Poetical Works of Edmund Waller and Sir John Denham eBook

This eBook from the Gutenberg Project consists of approximately 294 pages of information about Poetical Works of Edmund Waller and Sir John Denham.
Stretch’d and dissolved into unsinew’d length: 
Yet, after all, (lest we should think it thine)
Thy spirit to his circle dost confine. 
New names, new dressings, and the modern cast,
Some scenes, some persons alter’d, and outfaced
The world, it were thy work; for we have known
Some thank’d and praised for what was less their own. 
That master’s hand which to the life can trace
The airs, the lines, and features of the face, 40
May with a free and bolder stroke express
A varied posture, or a flatt’ring dress;
He could have made those like, who made the rest,
But that he knew his own design was best.


What mighty gale hath raised a flight so strong,
So high above all vulgar eyes, so long? 
One single rapture scarce itself confines
Within the limits of four thousand lines: 
And yet I hope to see this noble heat
Continue till it makes the piece complete,
That to the latter age it may descend,
And to the end of time its beams extend.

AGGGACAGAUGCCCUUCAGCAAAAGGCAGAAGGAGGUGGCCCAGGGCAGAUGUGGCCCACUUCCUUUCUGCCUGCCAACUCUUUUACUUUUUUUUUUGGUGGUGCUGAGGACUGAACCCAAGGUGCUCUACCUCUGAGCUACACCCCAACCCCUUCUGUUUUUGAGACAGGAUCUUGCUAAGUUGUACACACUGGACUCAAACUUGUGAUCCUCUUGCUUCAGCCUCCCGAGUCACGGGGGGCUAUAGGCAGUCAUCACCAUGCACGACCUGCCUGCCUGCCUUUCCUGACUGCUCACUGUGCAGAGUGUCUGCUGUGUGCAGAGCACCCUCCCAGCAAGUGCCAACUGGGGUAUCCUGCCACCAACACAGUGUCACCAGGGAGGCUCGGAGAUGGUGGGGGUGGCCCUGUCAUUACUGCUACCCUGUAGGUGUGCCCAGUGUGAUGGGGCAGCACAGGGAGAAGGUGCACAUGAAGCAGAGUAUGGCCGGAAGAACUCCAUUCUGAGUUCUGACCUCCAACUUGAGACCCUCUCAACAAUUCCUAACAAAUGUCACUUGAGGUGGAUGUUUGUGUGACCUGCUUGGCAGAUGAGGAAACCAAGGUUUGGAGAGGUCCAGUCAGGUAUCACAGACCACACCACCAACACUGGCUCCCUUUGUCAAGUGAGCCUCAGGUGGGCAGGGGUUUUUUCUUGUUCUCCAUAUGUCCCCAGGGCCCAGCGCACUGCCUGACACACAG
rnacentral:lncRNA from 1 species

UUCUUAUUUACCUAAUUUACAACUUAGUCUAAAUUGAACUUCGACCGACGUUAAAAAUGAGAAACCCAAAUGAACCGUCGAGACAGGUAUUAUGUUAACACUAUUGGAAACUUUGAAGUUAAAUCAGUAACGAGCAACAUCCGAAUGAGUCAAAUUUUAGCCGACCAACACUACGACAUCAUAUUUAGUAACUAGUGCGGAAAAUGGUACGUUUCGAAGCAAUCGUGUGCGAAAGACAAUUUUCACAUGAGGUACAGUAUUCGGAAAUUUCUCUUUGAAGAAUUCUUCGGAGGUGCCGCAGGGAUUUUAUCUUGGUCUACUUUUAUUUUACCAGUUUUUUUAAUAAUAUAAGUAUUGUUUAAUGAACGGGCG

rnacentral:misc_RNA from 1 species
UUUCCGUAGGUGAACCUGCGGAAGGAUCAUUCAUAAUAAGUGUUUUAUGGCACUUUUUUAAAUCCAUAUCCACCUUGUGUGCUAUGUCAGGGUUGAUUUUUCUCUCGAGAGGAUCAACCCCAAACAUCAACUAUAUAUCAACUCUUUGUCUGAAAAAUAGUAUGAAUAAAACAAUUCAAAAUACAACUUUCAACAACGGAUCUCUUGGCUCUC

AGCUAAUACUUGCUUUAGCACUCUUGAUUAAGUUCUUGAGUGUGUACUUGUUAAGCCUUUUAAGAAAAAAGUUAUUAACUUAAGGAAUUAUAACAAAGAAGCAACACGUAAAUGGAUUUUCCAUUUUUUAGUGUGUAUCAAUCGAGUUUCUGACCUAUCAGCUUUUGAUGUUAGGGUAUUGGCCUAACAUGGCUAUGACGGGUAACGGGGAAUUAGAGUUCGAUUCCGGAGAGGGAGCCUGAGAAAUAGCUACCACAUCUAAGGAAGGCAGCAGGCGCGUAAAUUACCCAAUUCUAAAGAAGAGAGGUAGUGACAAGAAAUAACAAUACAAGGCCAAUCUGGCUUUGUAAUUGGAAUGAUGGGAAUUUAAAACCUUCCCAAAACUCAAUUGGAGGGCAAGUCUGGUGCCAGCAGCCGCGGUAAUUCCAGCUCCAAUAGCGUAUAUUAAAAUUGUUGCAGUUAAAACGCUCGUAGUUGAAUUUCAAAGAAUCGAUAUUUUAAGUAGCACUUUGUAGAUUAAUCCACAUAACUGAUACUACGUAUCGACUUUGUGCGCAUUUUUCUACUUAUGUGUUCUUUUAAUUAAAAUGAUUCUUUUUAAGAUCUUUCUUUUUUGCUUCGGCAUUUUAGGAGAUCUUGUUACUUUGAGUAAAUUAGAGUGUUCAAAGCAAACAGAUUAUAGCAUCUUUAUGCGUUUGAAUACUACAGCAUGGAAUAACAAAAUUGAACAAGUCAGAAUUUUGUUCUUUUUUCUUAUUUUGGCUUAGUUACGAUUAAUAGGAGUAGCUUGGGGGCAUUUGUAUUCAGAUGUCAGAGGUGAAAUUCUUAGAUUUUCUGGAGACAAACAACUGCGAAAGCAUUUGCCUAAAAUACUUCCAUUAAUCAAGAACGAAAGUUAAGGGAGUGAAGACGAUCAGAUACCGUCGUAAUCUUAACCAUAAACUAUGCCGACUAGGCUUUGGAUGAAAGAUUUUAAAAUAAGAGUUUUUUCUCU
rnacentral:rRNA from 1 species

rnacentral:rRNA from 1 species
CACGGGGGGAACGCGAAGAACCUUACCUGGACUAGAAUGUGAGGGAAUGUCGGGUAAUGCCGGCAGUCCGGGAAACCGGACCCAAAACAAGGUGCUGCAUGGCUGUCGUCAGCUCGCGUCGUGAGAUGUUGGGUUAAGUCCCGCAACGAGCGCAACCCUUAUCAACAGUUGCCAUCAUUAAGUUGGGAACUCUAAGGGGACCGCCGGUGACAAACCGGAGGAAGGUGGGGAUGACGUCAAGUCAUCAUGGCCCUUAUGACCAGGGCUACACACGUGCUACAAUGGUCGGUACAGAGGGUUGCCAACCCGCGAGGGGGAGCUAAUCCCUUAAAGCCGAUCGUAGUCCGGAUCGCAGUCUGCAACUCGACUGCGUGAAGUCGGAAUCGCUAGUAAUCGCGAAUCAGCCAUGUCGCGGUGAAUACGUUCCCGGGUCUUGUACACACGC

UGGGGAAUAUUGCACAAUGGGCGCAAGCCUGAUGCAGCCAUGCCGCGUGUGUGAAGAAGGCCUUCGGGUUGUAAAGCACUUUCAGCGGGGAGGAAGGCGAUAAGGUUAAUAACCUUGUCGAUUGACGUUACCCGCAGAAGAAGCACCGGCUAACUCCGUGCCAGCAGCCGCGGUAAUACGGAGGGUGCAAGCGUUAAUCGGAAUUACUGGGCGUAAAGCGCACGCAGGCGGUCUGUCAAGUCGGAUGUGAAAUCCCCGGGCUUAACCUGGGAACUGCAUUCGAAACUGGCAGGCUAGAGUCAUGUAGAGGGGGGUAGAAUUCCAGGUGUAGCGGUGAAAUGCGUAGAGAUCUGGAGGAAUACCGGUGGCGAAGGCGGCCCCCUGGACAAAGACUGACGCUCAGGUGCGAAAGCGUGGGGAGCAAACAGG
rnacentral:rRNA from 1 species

When poesy joins profit with delight,
Her images should be most exquisite; 10
Since man to that perfection cannot rise,
Of always virtuous, fortunate, and wise;
Therefore the patterns man should imitate
Above the life our masters should create. 
Herein if we consult with Greece and Rome,
Greece (as in war) by Rome was overcome;
Though mighty raptures we in Homer find,
Yet, like himself, his characters were blind: 
Virgil’s sublimed eyes not only gazed,
But his sublimed thoughts to heaven were raised. 20
Who reads the honours which he paid the gods
Would think he had beheld their bless’d abodes;
And that his hero might accomplish’d be,
From divine blood he draws his pedigree. 
From that great judge your judgment takes its law,
And by the best original does draw
Bonduca’s honour, with those heroes Time 27
Had in oblivion wrapp’d, his saucy crime: 
To them and to your nation you are just,
In raising up their glories from the dust;
And to Old England you that right have done,
To show no story nobler than her own.


A tablet stood of that abstersive tree,
  Where Aethiop’s swarthy bird did build her nest;
Inlaid it was with Libyan ivory,
  Drawn from the jaws of Afric’s prudent beast. 
Two kings like Saul, much taller than the rest,
  Their equal armies draw into the field;
Till one take th’other pris’ner they contest;
  Courage and fortune must to conduct yield. 
This game the Persian Magi did invent,
  The force of Eastern wisdom to express; 10

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Poetical Works of Edmund Waller and Sir John Denham from Project Gutenberg. Public domain.
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